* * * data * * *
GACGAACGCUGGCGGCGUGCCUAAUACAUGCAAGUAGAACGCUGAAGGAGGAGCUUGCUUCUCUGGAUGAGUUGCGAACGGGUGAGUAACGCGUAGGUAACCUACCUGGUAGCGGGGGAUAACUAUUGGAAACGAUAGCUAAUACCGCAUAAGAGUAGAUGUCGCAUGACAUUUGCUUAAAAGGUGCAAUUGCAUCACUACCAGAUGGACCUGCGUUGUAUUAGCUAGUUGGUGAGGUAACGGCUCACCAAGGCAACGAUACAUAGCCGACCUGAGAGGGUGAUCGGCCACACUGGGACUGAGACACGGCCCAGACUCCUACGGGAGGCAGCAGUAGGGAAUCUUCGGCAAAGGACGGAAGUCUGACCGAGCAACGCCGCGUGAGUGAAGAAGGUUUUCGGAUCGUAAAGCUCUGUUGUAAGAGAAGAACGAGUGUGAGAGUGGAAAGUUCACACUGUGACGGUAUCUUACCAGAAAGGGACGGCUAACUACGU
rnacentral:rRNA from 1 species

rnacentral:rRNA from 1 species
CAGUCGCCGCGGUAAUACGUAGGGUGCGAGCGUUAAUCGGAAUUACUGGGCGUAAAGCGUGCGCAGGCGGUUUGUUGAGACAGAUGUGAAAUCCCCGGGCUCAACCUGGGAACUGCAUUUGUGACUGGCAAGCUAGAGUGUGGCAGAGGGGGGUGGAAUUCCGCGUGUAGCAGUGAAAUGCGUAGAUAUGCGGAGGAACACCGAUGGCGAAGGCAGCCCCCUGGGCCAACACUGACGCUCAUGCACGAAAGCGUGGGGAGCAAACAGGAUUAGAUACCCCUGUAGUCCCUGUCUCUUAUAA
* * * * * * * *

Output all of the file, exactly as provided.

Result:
GACGAACGCUGGCGGCGUGCCUAAUACAUGCAAGUAGAACGCUGAAGGAGGAGCUUGCUUCUCUGGAUGAGUUGCGAACGGGUGAGUAACGCGUAGGUAACCUACCUGGUAGCGGGGGAUAACUAUUGGAAACGAUAGCUAAUACCGCAUAAGAGUAGAUGUCGCAUGACAUUUGCUUAAAAGGUGCAAUUGCAUCACUACCAGAUGGACCUGCGUUGUAUUAGCUAGUUGGUGAGGUAACGGCUCACCAAGGCAACGAUACAUAGCCGACCUGAGAGGGUGAUCGGCCACACUGGGACUGAGACACGGCCCAGACUCCUACGGGAGGCAGCAGUAGGGAAUCUUCGGCAAAGGACGGAAGUCUGACCGAGCAACGCCGCGUGAGUGAAGAAGGUUUUCGGAUCGUAAAGCUCUGUUGUAAGAGAAGAACGAGUGUGAGAGUGGAAAGUUCACACUGUGACGGUAUCUUACCAGAAAGGGACGGCUAACUACGU
rnacentral:rRNA from 1 species

rnacentral:rRNA from 1 species
CAGUCGCCGCGGUAAUACGUAGGGUGCGAGCGUUAAUCGGAAUUACUGGGCGUAAAGCGUGCGCAGGCGGUUUGUUGAGACAGAUGUGAAAUCCCCGGGCUCAACCUGGGAACUGCAUUUGUGACUGGCAAGCUAGAGUGUGGCAGAGGGGGGUGGAAUUCCGCGUGUAGCAGUGAAAUGCGUAGAUAUGCGGAGGAACACCGAUGGCGAAGGCAGCCCCCUGGGCCAACACUGACGCUCAUGCACGAAAGCGUGGGGAGCAAACAGGAUUAGAUACCCCUGUAGUCCCUGUCUCUUAUAA